The Case of the Mimic Octopus: Agency & Biomimicry
Mimicry involves a relational history between a creative, alive body, its perceptual abilities, and the environment it finds itself in. To claim the lived experience of space and wear and perform it over time is mimicry. One can show and act space by changing shape, colour, movement, and behaviour as wondrous examples of octopus mimicry will demonstrate. Space is relational to place and to potencies known and unknown by human beings, from gravity to the texture of substrates to other more-than-human beings nearby with their unique sensory capacities.
The diverse ways in which we recognize and represent animals often says more about us than them, and ideas about animal mimicry are a wonderful example of this phenomenon. Biologists argue that some animals have developed the ability to imitate other life forms (abiotic or biotic) as a selective advantage in survival, while Alphonsus Lingis (1983) thinks mimicry may be a kind of showiness in nature, exceeding even the need for camouflage, an ostentatious spectacle as subjects enjoy themselves—a form of visual delight. Conversely, according to Elizabeth Grosz (1995), Roger Caillois’ earlier work associated mimicry with a form of psychosis, whereby the animal could not locate itself in space. To be a mimic was to be psychotic.
Instead, this paper will argue that to be able to mimic, a being has to live-in-place intimately over time, actively changing its body to live well and safely in said places, and over time/space wild transformational alterations may result. This paper contends that to mimic is to extend one’s self out into ever changing environments; to become an ecology of relations. Consequently, to mimic is to have agency in relation to others. The fascinating world of octopuses and their forms of mimicry will be studied as confirmation that mimicry is a very wavy disturbance to individualistic, a-relational notions of self, and to the animal body as a mere sack for carrying genes. From the waters of marine mimicry, hints and implications will be drawn for approaches to biomimicry in art, media and technology.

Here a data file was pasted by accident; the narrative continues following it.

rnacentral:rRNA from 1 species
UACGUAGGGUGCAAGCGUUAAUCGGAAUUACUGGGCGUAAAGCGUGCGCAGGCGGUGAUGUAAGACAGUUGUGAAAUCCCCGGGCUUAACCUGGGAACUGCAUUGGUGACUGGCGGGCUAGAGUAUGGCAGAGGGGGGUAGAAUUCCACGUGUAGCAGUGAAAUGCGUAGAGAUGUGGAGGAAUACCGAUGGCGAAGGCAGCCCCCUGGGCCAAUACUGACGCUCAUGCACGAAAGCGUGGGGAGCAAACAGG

Leesa was trained as a marine biologist, discovered herself as a feminist and has been working in environmental studies for the past two decades. She is Associate Dean, Associate Professor, and Coordinator of the Graduate Diploma in Environmental and Sustainability Education in the Faculty of Environmental Studies, at York University, Toronto, Ontario. Her areas of research and teaching focus on critical animal studies, environmental education and philosophy, natural history, sustainable agriculture, and human ecology. Her work examines who gets to count as a subject in worldly relations and how questioning inter-subjectivity can rework the material relations of production and environmental and social justice. Her preceding SSHRC funded research explored the phenomena of animal culture, consciousness and communication in whales and bats. Currently, she is working on human-animal relationships and conflicts in urban settings, using a mix of biosemiotics and political ecology.